German soldier lighting his cigarette with a flamethrower; ca. 1940s.
Flamethrowers had two fuel lines. The line he is lighting is cigarette with is sort of like a pilot line. It is a smaller fuel line that stays lit and can produce a bit of a larger flame when its trigger is pressed. The second line is for the big fire. This contains a thicker gelatinous type of fuel. So the flamer will pull the first trigger making the pilot flame larger, then pulls the second trigger emitting the thicker fuel which gets lit by the pilot flame raining hellfire upon anyone in its path. So technically its not really a blowtorch, but just a little pilot flame.
Aftermath of Houston, Texas’s worst disaster the Gulf Hotel fire; Sept. 7, 1943.
The Gulf Hotel fire claimed 55 lives in the early-morning hours of September 7, 1943 in downtownHouston, Texas. This fire remains the cause of the worst loss of life in a fire in the city’s history.
The hotel was located on the northwest corner of Louisiana and Preston Streets and occupied the upper two floors of a three-story brick building, with a variety of businesses occupying the first floor. It was an inexpensive hotel near the city’s bus depot, and reportedly had 87 beds, most divided from one another by thin wooden partitions, and 50 cots available for half the price of a bed. That night the guest log showed 133 names registered.
Shortly after midnight, the desk clerk was alerted to a smoldering mattress in a room on the second floor. The clerk and a few guests thought they had extinguished the burning mattress and moved it to a closet in the second floor hall. Moments later, the mattress erupted in flames. The fire spread quickly through the second floor and headed toward the third. There were two exits from the hotel, both on the Preston side, one an interior staircase, the other an exterior fire escape.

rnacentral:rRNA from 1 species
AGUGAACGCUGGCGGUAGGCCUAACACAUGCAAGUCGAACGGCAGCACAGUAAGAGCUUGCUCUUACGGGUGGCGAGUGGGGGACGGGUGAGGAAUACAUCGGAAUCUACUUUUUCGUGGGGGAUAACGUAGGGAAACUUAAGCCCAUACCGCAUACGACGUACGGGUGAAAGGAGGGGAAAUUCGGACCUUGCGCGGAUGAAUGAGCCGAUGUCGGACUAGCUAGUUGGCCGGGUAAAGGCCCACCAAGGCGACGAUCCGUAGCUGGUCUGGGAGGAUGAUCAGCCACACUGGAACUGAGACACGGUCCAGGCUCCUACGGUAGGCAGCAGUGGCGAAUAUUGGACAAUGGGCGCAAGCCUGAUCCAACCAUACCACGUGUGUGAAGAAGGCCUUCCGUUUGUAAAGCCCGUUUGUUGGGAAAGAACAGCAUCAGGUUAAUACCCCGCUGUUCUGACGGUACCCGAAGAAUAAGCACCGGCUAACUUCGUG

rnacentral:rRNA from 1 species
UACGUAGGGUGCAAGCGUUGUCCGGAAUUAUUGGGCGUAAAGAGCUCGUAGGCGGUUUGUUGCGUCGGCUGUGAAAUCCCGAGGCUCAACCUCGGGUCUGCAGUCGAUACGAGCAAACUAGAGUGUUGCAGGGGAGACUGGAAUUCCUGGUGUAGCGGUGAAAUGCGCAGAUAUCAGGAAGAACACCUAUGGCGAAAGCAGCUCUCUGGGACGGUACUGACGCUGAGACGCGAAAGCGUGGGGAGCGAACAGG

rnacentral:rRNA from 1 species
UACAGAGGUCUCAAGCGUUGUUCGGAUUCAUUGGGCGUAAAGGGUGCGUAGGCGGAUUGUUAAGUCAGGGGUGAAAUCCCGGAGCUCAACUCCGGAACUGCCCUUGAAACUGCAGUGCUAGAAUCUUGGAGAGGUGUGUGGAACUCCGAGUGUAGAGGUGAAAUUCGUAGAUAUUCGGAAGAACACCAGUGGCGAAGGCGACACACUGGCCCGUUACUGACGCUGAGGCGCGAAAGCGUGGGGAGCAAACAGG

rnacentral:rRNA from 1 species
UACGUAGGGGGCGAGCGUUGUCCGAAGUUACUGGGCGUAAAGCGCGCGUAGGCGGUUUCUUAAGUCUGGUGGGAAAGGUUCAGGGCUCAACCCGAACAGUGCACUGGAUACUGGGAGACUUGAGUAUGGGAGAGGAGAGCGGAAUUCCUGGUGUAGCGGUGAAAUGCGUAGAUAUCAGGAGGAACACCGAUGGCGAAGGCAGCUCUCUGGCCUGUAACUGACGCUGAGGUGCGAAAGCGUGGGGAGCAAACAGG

The fire department’s central station was located only a few blocks away at Preston and Caroline Streets. The alarm was received at 12:50 a.m. Deputy Chief Grover Cleveland Adams was the first to arrive at the burning hotel where he summoned a general alarm as he witnessed flames shooting from windows and the roof.
Ted Felds of Harris County’s Emergency Corps arrived at about the same time and noticed many men on the fire escape, including a few on crutches, who were slowing the progress of others behind them still trying to escape.
Two men died at the scene after jumping from the hotel’s windows. There were 15 other fatalities in area hospitals. Firefighters recovered 38 bodies from the burned out building. In all, 55 people died in the fire and more than 30 were injured. A mass funeral was held for 23 victims of the fire who were never identified and they were buried at the South Park Cemetery in Houston.
Hitler’s Pants being burnt by the allies after the war; ca 1947
The Nazis had carefully preserved the pants from the Operation Valkyrie assassination attempt and the allies inherited them after the war. They were concerned that if they put them in a museum they’d end up becoming a shrine to Hitler so they burnt them instead.
An Iranian soldier looks out over the desert, darkened under clouds of burning oil set alight by Iraqi forces in 1990.
Werner Herzog made a great movie about these fires, Lessons of Darkness.